The state of Tennessee is Kentucky’s southern neighbour, and its whiskeys follow many of the same rules as bourbon. However, there are two key differences – to be labelled a Tennessee whiskey it must have been distilled in Tennessee, rather than anywhere in the US, and the whiskey must have undergone the Lincoln County Process. This sees the new make spirit dripped slowly through charcoal made from sugar maple over several days, prior to maturation. This is not allowed for bourbon as it is considered an ‘alteration’.

Other whiskeys

Corn whiskey is arguably the most authentic of American styles as it uses maize, which is indigenous to parts of the country. This does not follow the same rules as other categories and does not need to be aged. However, the mash bill must be at least 80% maize to carry the label of corn whiskey.

Wheat whiskey is rarely released as most is used in blending. There must be at least 51% wheat in the mash bill. These spirits are not to be confused with wheated bourbons – these must contain at least 51% maize as per bourbon law but have a significant percentage of wheat as the secondary grain. There are also many blended whiskey brands – these are not like blended Scotch but consist of bourbon, rye and unaged whiskeys married together. They are often cheaper than straight bourbon or ryes.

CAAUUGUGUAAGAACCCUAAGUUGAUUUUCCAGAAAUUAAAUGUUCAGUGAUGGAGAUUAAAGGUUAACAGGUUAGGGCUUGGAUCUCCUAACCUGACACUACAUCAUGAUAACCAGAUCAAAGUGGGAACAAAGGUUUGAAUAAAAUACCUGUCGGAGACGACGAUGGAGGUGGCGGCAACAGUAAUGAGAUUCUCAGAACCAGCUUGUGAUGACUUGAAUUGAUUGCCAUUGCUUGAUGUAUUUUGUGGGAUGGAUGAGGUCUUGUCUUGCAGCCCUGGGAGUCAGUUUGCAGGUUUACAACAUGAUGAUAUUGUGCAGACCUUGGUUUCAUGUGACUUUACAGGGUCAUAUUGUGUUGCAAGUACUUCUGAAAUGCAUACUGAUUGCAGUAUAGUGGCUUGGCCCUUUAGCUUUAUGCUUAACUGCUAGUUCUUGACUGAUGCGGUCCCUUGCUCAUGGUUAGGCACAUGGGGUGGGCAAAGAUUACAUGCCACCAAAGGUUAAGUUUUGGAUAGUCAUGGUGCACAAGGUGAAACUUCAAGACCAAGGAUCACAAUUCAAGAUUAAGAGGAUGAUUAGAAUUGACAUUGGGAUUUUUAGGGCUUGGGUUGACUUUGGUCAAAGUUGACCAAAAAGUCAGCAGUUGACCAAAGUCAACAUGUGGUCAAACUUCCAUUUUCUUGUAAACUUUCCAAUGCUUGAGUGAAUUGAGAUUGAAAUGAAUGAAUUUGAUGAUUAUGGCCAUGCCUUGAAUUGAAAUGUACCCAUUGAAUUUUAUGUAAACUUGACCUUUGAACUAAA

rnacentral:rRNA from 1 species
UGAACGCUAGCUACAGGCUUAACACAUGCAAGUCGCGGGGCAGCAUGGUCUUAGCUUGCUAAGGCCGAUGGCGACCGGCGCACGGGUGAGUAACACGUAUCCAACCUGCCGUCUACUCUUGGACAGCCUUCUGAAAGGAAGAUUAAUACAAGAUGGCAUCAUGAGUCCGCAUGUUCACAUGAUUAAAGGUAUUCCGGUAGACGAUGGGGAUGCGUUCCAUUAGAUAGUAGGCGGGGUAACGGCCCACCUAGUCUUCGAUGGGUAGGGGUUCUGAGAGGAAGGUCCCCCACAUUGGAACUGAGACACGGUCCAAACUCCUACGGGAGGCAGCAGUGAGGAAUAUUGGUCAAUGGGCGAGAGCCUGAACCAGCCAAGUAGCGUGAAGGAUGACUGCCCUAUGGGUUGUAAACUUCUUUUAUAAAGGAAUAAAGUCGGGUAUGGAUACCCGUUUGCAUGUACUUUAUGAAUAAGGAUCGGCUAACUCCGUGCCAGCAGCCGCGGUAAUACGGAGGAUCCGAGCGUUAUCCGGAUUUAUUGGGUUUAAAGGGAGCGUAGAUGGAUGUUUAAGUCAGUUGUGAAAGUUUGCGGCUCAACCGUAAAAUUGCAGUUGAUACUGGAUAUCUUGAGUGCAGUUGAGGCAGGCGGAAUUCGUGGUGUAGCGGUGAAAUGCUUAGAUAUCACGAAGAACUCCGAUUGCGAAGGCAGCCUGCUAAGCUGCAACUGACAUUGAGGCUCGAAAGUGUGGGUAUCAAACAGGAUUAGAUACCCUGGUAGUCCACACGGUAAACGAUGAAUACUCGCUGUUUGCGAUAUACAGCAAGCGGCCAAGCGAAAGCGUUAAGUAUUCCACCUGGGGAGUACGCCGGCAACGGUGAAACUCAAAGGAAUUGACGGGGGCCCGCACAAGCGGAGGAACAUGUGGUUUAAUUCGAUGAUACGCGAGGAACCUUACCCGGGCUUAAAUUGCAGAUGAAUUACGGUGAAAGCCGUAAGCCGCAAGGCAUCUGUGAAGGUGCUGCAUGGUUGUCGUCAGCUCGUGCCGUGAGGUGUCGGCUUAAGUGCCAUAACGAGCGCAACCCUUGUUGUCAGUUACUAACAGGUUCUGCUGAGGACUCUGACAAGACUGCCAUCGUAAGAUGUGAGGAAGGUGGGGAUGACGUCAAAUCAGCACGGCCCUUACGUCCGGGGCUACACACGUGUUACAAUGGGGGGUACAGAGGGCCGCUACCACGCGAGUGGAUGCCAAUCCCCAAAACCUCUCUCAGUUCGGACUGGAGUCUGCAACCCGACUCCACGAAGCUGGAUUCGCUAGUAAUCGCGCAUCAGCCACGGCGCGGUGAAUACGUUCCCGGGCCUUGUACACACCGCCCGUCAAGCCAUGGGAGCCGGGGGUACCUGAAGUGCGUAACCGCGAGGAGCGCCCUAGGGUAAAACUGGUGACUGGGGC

American single malt is an ever-expanding category. A decade ago, very few existed on the market, but it has been championed by the craft and artisan distilling movement. Now the landscape is very different with most large brands also having a single malt within their core range. However, the category does not have the strict rules and laws that bourbon follows. Several of the craft producers are currently lobbying the US Government to draw up such laws to increase quality and consistency.

With the popularity of whisky continuing to grow across the globe, get in touch with the experts at Whisky 1901 to find out more about investing in your own cask of Scotch whisky.